One Thing at a Time
I once attended a press conference and watched the reporters scribbling furiously (it was in the days before people used tape recorders or cell phones to do their work for them). Then I noticed one man sitting very still and not taking notes. He just listened. Afterward I asked him why he had not written anything down and he replied that if he took notes, he would be doing two things at the same time and would therefore undoubtedly miss something. He did not wish to split his attention.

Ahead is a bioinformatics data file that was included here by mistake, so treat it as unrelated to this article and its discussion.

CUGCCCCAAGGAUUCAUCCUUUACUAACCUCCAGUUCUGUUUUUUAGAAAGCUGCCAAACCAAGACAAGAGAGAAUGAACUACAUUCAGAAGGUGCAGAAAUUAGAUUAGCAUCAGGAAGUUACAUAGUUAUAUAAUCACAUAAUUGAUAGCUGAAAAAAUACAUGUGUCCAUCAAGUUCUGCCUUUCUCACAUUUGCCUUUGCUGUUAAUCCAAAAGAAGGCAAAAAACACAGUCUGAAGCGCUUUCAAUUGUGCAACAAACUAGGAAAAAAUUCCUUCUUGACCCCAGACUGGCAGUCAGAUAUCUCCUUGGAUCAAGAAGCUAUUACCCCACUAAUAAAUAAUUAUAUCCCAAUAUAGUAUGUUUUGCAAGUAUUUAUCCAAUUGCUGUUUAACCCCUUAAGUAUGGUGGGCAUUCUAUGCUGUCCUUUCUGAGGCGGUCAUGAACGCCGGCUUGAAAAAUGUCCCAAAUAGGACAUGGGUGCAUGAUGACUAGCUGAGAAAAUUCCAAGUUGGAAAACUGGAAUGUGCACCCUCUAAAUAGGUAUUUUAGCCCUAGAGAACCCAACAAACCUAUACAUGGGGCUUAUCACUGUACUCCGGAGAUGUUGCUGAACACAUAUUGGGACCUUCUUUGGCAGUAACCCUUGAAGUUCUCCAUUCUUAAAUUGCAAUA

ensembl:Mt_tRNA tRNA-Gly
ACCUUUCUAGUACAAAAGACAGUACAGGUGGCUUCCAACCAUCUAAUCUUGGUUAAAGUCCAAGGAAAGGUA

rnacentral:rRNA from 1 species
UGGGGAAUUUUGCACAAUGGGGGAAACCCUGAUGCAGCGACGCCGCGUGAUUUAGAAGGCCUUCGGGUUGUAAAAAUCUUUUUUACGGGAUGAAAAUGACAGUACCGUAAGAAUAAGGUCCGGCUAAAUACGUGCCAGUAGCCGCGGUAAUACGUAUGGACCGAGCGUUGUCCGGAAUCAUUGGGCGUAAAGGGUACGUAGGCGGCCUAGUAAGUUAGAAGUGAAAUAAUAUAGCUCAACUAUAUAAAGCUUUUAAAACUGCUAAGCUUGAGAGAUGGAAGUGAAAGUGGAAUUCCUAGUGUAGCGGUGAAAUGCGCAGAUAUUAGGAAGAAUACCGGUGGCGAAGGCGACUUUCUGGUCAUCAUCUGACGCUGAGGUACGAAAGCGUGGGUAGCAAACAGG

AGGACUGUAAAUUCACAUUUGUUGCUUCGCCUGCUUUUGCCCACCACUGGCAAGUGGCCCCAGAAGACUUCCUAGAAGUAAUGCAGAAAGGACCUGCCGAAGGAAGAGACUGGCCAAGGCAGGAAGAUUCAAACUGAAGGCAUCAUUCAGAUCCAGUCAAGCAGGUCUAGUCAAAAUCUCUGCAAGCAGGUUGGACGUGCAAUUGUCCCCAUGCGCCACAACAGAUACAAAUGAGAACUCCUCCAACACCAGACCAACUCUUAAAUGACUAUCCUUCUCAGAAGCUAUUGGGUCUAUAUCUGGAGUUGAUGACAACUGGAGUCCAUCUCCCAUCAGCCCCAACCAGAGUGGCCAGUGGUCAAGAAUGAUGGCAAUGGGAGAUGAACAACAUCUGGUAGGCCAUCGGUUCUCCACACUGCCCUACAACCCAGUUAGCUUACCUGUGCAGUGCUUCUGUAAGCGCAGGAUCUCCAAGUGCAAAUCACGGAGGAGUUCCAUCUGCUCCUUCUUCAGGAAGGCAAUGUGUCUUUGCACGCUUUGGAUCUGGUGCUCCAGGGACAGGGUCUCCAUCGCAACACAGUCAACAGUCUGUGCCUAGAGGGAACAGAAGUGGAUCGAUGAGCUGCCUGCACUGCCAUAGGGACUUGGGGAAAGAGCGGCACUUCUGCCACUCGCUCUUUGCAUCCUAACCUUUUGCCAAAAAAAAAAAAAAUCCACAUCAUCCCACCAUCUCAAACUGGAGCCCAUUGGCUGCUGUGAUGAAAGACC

I was thinking about this recently, in particular with regard to studying and learning, because our training has been to take notes on everything we are taught in school, so that we can refer back to them later, and I wondered why we all do this. When we read an item in a book or newspaper, hear about an event, or discover an idea by ourselves, we have no difficulty whatever remembering it and reporting it afterward. This is because it is something that interests us, something that caught and held our attention. The trouble comes only when we are not interested in something. For instance, if we are taking a course and need to study something that is required and we wish it wasn’t. What happens then is that we tend to focus on our resistance to the matter at hand rather than whatever it is we are supposed to be learning. So the secret is to be interested in whatever we are learning or doing. Then the full power of our consciousness flows to it, it goes directly into the mind, and we have no difficulty retrieving it later. It does not have to be “learned”. The learning happens naturally.